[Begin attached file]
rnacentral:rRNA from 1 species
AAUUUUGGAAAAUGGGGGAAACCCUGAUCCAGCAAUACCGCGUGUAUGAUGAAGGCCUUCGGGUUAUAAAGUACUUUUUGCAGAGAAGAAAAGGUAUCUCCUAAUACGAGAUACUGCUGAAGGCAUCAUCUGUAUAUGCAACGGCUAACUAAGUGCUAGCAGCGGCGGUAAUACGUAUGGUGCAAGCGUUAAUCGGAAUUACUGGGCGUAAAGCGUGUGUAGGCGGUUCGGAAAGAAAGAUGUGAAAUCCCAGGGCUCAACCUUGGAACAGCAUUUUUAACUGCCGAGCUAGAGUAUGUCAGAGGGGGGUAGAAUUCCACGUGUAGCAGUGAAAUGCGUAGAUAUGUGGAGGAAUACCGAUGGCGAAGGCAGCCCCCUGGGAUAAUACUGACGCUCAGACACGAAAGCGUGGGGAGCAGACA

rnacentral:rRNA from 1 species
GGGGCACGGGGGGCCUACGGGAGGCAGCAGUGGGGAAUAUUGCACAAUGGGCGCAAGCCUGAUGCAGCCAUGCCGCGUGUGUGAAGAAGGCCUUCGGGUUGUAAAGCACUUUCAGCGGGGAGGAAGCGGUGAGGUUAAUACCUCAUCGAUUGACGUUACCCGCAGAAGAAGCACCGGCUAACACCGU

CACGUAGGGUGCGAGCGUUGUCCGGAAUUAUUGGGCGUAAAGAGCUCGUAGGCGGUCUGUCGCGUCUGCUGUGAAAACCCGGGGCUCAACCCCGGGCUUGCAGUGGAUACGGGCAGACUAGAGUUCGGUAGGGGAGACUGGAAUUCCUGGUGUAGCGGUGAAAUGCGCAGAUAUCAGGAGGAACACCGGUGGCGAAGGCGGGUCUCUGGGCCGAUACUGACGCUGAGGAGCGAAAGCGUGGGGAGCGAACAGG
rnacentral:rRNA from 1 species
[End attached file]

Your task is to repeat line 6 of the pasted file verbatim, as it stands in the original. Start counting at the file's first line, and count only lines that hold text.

rnacentral:rRNA from 1 species